Annotator Ralph Titterton acknowledges at the outset that the '60s British marionette children's series Joe 90 "was not the commercial success of the [producer] Gerry Anderson series that preceded it," and that may help explain why Reynold da Silva's Silva Screen Records, in coming out with soundtrack versions of such other Anderson series as Thunderbirds, overlooked it for some time. But, like the other series, it employed Barry Gray as composer, and programs do not succeed or fail because of their music. Gray's work, collected here in more than 78 minutes of cues, is perfectly adequate, if not inspired. Gray is an eclectic who has no problem writing generic music for a chase scene or a thrilling climax, but who likes to throw in a lot of musical flavors. His main theme, with a twangy guitar leading the way, is very much of its late-'60s era, but he will also introduce any one of a number of unusual instruments -- banjo, Spanish guitar, accordion -- to change the sound of his music. And he uses quotes from the American and French national anthems as well as "The Volga Boatmen" to set the geography of his scenes. At other times, he will provide music in various styles, from classical to country. This is not great writing, but it no doubt worked well when applied to the adventures of the nine-year-old title character who roamed the world having science fiction/spy adventures.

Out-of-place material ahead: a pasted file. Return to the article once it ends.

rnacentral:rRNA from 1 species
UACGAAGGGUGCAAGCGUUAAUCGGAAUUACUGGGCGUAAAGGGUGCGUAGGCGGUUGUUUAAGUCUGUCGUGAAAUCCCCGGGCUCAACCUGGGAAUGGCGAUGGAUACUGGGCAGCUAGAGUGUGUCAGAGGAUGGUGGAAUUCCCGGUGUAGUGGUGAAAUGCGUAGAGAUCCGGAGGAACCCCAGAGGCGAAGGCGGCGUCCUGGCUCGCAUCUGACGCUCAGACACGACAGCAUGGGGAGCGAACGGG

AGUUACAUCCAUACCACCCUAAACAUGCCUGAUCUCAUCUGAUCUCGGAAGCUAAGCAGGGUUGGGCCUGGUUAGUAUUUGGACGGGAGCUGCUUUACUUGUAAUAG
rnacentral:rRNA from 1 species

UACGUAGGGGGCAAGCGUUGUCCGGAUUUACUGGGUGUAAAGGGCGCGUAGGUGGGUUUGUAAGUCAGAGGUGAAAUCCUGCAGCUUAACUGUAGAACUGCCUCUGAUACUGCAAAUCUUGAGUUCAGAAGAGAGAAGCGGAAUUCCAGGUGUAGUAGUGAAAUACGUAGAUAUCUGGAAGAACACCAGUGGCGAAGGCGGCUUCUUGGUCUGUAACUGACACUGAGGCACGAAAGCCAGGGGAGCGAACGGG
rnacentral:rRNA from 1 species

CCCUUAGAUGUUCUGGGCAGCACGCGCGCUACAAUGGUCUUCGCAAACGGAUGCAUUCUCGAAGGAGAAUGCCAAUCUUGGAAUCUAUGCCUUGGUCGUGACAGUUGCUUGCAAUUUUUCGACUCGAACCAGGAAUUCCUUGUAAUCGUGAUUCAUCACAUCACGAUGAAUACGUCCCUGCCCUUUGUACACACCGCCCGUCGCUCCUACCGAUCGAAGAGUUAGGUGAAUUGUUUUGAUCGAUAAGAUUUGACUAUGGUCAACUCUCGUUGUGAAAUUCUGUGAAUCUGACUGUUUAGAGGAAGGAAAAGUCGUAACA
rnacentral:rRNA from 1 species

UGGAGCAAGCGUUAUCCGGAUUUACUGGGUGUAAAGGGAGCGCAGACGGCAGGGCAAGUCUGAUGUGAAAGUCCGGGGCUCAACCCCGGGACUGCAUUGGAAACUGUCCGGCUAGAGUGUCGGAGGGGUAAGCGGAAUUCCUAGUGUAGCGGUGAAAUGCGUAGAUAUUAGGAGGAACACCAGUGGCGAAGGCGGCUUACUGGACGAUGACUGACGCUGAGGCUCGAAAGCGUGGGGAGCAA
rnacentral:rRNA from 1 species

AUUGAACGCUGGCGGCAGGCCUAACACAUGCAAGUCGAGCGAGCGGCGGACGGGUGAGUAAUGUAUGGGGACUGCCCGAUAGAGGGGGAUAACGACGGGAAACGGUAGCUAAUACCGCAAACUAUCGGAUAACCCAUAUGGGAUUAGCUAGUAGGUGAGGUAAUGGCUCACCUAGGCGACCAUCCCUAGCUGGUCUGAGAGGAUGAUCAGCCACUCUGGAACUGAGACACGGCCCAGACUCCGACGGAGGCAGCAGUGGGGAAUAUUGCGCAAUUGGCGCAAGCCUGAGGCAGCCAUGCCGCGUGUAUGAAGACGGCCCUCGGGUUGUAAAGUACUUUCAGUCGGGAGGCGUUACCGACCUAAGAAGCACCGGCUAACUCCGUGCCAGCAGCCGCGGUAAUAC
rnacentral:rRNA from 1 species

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AllMusic Review by William Ruhlmann
|Joe 90, television score|